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APPENDIX (H).

On the Interpolation of the text of Codex B and Codex א at

S. Matthew xxvii. 48 or 49.

(Referred to at pp. 202 and 219.)

IT is well known that our two oldest Codices, Cod. B and Cod. א, (see above, p. 80,) exhibit S. Matthew xxvii. 49, as follows. After σωσων [Cod. Sinait. σωσαι] αυτον, they read:—

(Cod. B.) (Cod. א.)
αλλοc δε λαβῶ δε λαβων λοΓχΗ¯
λοΓχΗν ενυξεν αυτου ενυξεν αυτου ΤΗ¯
ΤΗν πλευραν και εξΗλ πλευραν και εξΗλ
θεν υδωρ και αιμα θεν υδωρ και αι
μα

Then comes, ο δε īς̄ παλιν κραξας κ.τ.λ. The same is also the reading of Codd. C, L, U, Γ: and it is known to recur in the following cursives,—5, 48, 67, 115, 127575575   But Cod. U inserts ευθεως before εξηλθεν; and (at least two of the other Codices, viz.) 48, 67 read αιμα και υδωρ..

Obvious is it to suspect with Matthaei, (ed. 1803, vol. i. p. 158,) that it was the Lectionary practice of the Oriental Church which occasioned this interpolation. In S. John xix. 34 occurs the well-known record,—ἀλλ᾽ εἷς τῶν στρατιωτῶν λόγχῃ αὐτοῦ τὴν πλευρὰν ἔνυξε, καὶ εὐθὺς ἐξῆλθεν αἷμα καὶ ὕδωρ and it was the established practice of the Easterns, in the Ecclesiastical lection for Good Friday, (viz. S. Matth. xxvii. 1-61,) to interpose S. John xix. 31 to 37 between the 54th and the 55th verses of S. Matthew. This will be found alluded to above, at p. 202 and again at pp. 218-9.

314

After the pages just quoted were in type, while examining Harl. MS. 5647 in the British Museum, (our Evan. 72,) I alighted on the following Scholion, which I have since found that Wetstein duly published; but which has certainly not attracted the attention it deserves, and which is incorrectly represented as referring to the end of S. Matth. xxvii. 49. It is against ver. 48 that there is written in the margin,—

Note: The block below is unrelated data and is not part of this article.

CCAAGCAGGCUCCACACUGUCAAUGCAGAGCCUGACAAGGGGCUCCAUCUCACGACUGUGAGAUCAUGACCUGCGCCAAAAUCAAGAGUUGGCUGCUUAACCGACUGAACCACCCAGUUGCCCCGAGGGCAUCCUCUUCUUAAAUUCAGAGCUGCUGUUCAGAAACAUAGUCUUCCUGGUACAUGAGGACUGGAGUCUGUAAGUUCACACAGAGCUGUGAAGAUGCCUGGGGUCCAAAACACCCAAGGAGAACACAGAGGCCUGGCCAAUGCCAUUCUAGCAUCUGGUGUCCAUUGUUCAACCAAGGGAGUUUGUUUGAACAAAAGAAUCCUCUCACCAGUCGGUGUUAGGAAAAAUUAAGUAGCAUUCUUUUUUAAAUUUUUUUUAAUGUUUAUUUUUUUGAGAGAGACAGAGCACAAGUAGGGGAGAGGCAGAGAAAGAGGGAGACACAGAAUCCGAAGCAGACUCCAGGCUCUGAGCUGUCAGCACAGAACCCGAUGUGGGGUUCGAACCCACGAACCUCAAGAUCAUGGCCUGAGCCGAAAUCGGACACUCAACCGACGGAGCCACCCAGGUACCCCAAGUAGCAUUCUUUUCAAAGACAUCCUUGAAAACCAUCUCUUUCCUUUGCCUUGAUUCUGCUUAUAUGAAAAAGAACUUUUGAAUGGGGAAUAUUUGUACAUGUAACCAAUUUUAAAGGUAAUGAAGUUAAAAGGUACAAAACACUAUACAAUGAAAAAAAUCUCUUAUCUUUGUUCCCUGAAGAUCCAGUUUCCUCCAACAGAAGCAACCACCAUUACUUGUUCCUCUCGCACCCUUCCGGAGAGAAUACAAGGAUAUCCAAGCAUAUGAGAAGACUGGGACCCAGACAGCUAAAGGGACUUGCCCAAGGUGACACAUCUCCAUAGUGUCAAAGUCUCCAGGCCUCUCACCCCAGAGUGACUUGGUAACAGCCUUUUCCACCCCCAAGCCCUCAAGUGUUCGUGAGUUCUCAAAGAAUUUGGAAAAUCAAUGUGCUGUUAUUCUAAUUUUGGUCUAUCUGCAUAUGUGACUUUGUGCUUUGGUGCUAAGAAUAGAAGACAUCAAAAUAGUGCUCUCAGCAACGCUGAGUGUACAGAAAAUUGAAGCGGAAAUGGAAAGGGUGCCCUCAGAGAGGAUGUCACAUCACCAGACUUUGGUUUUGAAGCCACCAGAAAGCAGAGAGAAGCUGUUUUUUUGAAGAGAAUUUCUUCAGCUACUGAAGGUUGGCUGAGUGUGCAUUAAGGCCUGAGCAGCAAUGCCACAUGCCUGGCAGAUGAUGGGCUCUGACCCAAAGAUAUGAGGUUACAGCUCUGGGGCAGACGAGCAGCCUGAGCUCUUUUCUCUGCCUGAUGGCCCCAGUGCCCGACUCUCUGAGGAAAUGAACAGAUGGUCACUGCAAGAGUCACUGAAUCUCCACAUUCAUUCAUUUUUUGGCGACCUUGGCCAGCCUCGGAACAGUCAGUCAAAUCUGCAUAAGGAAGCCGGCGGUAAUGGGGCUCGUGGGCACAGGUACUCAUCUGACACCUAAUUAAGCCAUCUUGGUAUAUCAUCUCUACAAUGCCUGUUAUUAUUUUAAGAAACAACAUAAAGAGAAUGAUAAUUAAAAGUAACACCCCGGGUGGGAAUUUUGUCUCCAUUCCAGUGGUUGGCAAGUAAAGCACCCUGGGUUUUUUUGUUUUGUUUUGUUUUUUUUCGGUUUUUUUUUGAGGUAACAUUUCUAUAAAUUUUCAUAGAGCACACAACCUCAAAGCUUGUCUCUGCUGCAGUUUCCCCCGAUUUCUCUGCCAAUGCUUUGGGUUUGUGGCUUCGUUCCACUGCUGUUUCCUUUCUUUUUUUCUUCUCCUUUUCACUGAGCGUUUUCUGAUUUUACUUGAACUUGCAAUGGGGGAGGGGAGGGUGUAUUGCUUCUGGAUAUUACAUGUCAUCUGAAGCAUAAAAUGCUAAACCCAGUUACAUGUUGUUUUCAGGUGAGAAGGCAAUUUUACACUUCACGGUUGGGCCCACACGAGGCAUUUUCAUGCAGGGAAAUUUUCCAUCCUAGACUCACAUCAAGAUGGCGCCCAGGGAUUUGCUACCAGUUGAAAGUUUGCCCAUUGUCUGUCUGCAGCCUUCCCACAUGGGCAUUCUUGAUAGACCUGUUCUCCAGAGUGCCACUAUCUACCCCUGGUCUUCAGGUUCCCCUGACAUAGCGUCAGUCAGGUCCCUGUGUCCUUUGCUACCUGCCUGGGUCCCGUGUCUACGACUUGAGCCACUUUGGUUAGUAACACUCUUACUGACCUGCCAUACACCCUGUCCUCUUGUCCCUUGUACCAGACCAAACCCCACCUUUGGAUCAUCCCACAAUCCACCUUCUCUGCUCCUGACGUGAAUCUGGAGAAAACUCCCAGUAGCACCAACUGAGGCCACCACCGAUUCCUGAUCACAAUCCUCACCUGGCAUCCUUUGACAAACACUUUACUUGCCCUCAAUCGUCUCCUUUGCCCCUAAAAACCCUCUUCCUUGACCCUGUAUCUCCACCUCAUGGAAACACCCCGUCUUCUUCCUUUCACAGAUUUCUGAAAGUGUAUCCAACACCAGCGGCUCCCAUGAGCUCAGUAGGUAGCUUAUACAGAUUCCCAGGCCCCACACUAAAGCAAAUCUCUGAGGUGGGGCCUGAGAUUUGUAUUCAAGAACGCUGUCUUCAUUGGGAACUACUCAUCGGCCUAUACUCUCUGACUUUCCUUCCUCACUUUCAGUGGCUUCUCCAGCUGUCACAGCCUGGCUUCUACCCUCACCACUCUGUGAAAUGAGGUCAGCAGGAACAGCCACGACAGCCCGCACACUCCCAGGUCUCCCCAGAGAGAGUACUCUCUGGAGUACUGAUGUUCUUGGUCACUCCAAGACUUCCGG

(Η576576   Σημείωσις is what we call an “Annotation” [On the sign in the text, see the Catalogue of MSS. in the Turin Library, P. i. p. 93.] On the word, and on σημειοῦσθαι, (consider 2 Thess. iii. 14,) see the interesting remarks of Huet Origeniana, iii. § i. 4. (at the end of vol. iv. of Origen’s Opp. p. 292-3.)—Eusebius (Hist. Eccl. v. 20) uses ση9μείωσις in this sense. (See the note of Valesius.) But it is plain from the rendering of Jerome and Rufinus (subscriptio), that it often denoted a “signature,” or signing of the name. Eusebius so employs the word in lib. v. 19 ad fin. Ὅτι εἰc καθ᾽ ἱστορίαν εὐαΓΓέλιον Διαδώρου καί Τατιανοῦ καὶ ἄλλων διαφόρων ἀΗίων πατέρων· τοῦτο πρόσκειται:

(Η Ἀλλοc δέ λαβών· λόΓχΗν ἔνυξεν αὐτοῦ ΤῊν πλευρὰν. καὶ ἐξΗˆ˒λθεν ὕδωρ καὶ αἷμα: τοῦτο λέΓει καὶ ὁ Χρυσόστομοc.

This writer is perfectly correct in his statement. In Chrysostom’s 88th Homily on S. Matthew’s Gospel, (Opp. vii, 825 C: [vol. p. 526, ed. Field.]) is read as follows:—Ἐνόμισαν Ἠλίαν εἶναι, φησὶ, τὸν καλούμενον, καὶ εὐθέως ἐπότισαν αὐτὸν ὄξος: (which is clearly meant to be a summary of the contents of ver. 48: then follows) ἕτερος δὲ προσελθών λόγχῃ αὐτοῦ τῆν πλευρὰν ἔνυξε. (Chrysostom quotes no further, but proceeds,—Τί γένοιτ᾽ ἂν τούτων παρανομώτερον, τί δὲ θηριωδέστερον, κ.τ.λ.)